Criminal Ornament: Aesthetic Misbehavior in the Fifteenth Century


Frederick Burkhardt Residential Fellowships for Recently Tenured Scholars




For residence at the Huntington Library during academic year 2018-2019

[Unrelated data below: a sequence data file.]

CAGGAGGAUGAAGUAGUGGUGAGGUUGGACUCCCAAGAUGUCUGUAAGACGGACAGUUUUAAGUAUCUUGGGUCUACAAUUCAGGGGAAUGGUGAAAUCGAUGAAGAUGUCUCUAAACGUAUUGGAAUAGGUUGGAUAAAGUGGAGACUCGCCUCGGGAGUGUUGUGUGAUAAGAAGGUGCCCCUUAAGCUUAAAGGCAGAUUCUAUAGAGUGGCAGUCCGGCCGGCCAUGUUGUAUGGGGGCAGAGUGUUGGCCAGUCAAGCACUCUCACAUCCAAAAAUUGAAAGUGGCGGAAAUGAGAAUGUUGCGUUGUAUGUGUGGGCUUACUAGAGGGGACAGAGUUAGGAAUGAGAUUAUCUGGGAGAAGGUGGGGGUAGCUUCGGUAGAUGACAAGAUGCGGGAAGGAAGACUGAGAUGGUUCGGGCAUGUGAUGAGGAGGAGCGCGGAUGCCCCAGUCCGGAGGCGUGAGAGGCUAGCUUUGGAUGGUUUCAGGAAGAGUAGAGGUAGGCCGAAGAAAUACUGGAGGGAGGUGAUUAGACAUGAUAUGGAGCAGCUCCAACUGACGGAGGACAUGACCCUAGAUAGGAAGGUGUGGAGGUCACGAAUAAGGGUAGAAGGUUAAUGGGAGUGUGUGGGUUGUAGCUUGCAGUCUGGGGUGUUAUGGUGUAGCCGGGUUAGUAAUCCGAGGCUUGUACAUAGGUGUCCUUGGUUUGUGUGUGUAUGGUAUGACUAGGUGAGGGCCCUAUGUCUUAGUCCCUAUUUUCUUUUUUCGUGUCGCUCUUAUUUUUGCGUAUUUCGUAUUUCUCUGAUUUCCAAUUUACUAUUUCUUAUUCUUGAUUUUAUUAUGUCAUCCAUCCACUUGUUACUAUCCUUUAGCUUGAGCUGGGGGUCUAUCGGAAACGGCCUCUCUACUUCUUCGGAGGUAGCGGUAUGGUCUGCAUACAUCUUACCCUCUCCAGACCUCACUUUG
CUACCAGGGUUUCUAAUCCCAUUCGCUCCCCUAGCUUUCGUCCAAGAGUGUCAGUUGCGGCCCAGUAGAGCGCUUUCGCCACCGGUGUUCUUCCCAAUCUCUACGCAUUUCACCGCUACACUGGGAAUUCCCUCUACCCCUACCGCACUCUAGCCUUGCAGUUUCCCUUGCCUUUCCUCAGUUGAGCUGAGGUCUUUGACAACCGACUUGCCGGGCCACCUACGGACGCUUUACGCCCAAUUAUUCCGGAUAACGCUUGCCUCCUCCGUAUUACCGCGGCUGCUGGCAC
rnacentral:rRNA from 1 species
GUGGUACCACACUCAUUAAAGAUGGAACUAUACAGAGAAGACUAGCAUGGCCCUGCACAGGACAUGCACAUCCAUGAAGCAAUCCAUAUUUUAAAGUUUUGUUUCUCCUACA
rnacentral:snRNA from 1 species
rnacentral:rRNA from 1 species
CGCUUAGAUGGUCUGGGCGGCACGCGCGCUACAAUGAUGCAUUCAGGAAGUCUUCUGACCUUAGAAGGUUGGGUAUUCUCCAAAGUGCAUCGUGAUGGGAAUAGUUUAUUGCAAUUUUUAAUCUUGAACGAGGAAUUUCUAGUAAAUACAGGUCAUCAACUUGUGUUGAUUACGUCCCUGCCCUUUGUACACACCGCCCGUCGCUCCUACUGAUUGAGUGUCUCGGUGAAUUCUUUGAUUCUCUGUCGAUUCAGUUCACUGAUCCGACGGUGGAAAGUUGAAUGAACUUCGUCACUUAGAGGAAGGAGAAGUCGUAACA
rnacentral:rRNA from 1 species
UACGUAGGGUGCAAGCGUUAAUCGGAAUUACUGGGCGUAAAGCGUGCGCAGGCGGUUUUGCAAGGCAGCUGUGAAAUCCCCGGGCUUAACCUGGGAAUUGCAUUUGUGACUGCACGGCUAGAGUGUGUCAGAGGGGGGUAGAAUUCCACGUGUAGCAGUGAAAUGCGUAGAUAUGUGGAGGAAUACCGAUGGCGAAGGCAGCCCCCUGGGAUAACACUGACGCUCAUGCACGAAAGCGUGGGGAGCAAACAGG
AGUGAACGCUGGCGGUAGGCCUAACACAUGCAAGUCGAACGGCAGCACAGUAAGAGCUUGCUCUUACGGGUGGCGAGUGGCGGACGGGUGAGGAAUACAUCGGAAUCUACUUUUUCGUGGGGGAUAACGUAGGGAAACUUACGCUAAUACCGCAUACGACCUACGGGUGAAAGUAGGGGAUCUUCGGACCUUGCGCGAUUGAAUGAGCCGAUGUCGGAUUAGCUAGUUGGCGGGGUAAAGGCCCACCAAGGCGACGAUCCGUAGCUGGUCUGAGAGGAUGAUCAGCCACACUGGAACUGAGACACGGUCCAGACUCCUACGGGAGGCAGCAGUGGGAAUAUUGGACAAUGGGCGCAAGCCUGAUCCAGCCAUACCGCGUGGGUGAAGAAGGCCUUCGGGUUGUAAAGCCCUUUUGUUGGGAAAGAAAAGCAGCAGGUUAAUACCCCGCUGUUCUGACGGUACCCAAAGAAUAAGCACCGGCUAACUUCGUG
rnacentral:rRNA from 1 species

“Criminal Ornament” claims a new importance for the aesthetic category of medieval ornament in Western intellectual history. The project demonstrates the emergence of ornament as a provocative interdisciplinary technique in late medieval verbal, visual, and decorative arts that also played a crucial if antithetical role in the articulation of modernist aesthetics in the early twentieth century. Poetic ornament––the use of ornate, self-consciously artificial forms of poetic expression such as polysyllabic Latinate words, alliterative patterning, and aural accumulation and resonance––dominated English courtly verse in the fifteenth century. It took part in a larger cultural fascination with ornament more broadly in this period, and often simulated decorative gestures in the applied and decorative arts. As important as it was to its own literary-historical moment, however, medieval ornament also played a critical role in modernist ideas emerging in the first decades of the twentieth century.